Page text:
Bryce MacKay had a golden performance against bigger and stronger opponents in the Calgary Cup Karate Championships March 12.
MacKay, five-foot-six, 135 pounds, said he fought well and was in his best shape ever as he won the knockdown men, 15-18 years, lightweight division. He is used to fighting bigger and stronger opponents. One of his opponents had six inches and about 15 pounds on him.
“Bryce excels at every tournament he participates in because of his hard work and dedication,” said Penticton Kyokushin teacher Brent Parker. “The kid’s a phenom. He never loses. The kid is such a dialled-in young man.”
MacKay felt nervous going into the Calgary Cup because he didn’t know anything about the people he was against. He focused on staying calm. After what he accomplished, MacKay said he feels he gained a lot of respect from other teachers and opponents. MacKay picked up the Top Spirit Award and Best Technical Fighter for the tournament.
The 17-year-old didn’t know how to react when he found out he was receiving those awards.
“After I talked to the head guy (of Kyokushin organization) they were talking about sending me over to Montreal and down in New York to do some tournaments there. I could get noticed more and maybe go to a world tournament,” said MacKay. “I didn’t know what to think. I was shocked. I could barely talk.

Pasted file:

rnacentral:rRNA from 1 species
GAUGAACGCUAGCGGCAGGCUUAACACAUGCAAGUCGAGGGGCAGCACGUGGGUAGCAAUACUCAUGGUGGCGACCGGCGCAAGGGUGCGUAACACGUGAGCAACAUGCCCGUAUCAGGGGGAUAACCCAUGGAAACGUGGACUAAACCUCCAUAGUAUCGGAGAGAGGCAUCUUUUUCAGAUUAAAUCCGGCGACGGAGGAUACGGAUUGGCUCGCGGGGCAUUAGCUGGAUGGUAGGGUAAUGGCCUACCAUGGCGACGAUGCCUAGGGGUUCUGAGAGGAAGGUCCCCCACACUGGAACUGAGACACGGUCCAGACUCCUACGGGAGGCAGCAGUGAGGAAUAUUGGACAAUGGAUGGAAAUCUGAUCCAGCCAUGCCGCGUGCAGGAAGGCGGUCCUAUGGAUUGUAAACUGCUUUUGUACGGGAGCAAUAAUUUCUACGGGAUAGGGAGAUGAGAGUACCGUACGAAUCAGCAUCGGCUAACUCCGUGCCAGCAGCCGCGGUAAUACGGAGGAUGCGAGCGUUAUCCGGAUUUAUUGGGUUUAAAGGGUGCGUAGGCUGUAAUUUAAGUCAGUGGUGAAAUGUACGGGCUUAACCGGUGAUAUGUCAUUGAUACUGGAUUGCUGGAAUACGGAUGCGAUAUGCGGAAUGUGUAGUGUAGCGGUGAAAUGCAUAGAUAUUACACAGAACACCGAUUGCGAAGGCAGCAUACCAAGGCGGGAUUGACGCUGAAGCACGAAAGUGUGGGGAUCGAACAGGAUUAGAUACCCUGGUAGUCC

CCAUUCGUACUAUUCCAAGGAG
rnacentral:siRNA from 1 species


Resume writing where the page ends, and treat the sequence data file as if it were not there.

“I thought it was a great opportunity to be able to do those things,” MacKay continued. “To me it was really nice to have those head guys of the organization start noticing me. It just felt really good.”
Parker said he wasn’t shocked his student earned those awards. Parker thinks the reason MacKay was chosen for the Top Spirit Award was from taking two shots to the groin. The officials were going to disqualify the fighter, but MacKay didn’t want that. He asked for a moment to regain himself to finish the fight.
“He could have said I’ve had enough, but that’s the kind of athlete he is,” said Parker, adding MacKay is so focused, talented and possesses drive.
MacKay started in karate at age seven and started competing in 2008, at age nine.
“I love how physically intense it is,” he said. “It teaches you a lot about yourself and it’s about pushing yourself to your limit and past that. It just helps you overcome things in every day life. It’s not just a sport, it’s a lifestyle too.”
Parker described MacKay as a natural.
“These guys don’t come along very often where he is that young and that focused,” said Parker.